Marine Technology Reporter Blogs - strength

Corals track strongest Indian Ocean Current

March 26, 2014

Korallenstock Helmut Schuhmacher
Researchers used corals as temperature archives. Natural variations in the warming and cooling cycles of the Agulhas current core region have been revealed from Madagascar corals. A new study, led by The University of Western Australia and with contribution by Professor Christian Dullo from GEOMAR Helmholtz Centre for Ocean Research Kiel, has been published in Nature Scientific Reports. The Agulhas Current, which flows down the east coast of Africa, is the strongest western boundary current in the Southern Hemisphere. Changes in its strength and the heat budget it transports are of interest, both on regional and global scales. The current is also the gateway for warm and salty Indian Ocean water that slowly goes up the Atlantic on its way to the far northern Gulf Stream.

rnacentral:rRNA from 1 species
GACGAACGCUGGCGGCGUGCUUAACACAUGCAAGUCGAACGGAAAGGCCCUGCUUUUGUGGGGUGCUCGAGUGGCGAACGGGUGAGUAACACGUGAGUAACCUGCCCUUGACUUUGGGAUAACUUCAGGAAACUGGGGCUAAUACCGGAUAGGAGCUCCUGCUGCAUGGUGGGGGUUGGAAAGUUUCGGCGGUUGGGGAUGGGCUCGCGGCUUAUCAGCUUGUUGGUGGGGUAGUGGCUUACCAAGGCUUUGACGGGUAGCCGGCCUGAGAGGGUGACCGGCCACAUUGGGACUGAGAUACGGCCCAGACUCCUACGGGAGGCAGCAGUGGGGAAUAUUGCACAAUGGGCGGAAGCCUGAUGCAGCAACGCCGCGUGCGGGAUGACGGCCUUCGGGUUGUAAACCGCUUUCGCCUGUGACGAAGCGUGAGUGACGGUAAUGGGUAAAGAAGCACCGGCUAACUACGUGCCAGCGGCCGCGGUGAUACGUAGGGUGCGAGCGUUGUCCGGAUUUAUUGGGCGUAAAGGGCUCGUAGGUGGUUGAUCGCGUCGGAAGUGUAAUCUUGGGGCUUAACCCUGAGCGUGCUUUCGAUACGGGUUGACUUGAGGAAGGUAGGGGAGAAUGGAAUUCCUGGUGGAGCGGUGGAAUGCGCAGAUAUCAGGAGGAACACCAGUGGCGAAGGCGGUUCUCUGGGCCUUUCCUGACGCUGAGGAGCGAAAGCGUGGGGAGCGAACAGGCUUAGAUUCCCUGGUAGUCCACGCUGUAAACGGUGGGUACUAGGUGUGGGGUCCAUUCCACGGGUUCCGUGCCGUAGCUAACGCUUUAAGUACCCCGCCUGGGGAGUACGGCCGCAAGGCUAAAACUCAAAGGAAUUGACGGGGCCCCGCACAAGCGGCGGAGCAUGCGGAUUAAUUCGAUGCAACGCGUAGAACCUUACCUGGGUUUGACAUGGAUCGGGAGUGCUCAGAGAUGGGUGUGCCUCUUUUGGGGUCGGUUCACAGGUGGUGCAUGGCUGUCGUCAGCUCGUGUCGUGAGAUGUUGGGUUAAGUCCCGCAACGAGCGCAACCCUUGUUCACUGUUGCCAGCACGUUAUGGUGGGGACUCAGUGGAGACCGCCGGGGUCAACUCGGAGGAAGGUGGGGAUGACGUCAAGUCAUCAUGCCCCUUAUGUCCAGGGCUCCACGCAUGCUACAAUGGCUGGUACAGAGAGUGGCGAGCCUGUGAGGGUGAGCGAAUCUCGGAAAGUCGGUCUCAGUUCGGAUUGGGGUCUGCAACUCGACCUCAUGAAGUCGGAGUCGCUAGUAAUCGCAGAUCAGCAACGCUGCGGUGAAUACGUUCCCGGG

Synthetic DYNEEMA Ropes for Deepwater MODU

June 16, 2013

Lankhorst Ropes Thunder Hawk FPU go M moored with Gama rope reduced
With the increase in deepwater O&G exploration, the demand placed on mooring ropes for MODUs (Mobile Operating Drilling Units) has increased dramatically. Rope manufacturers have been developing products based on new materials and also adapting their manufacturing processes to accommodate new materials and more stringent requirements. In some deepwater plays mooring ropes will be going down to 2,000 or even 3,000 meters, which places massive stress on the ropes, due not only to its length and weight but also due to the action of subsea currents, ship movement caused by surface waves, currents and wind. Dutch rope manufacturer Lankhorst Ropes…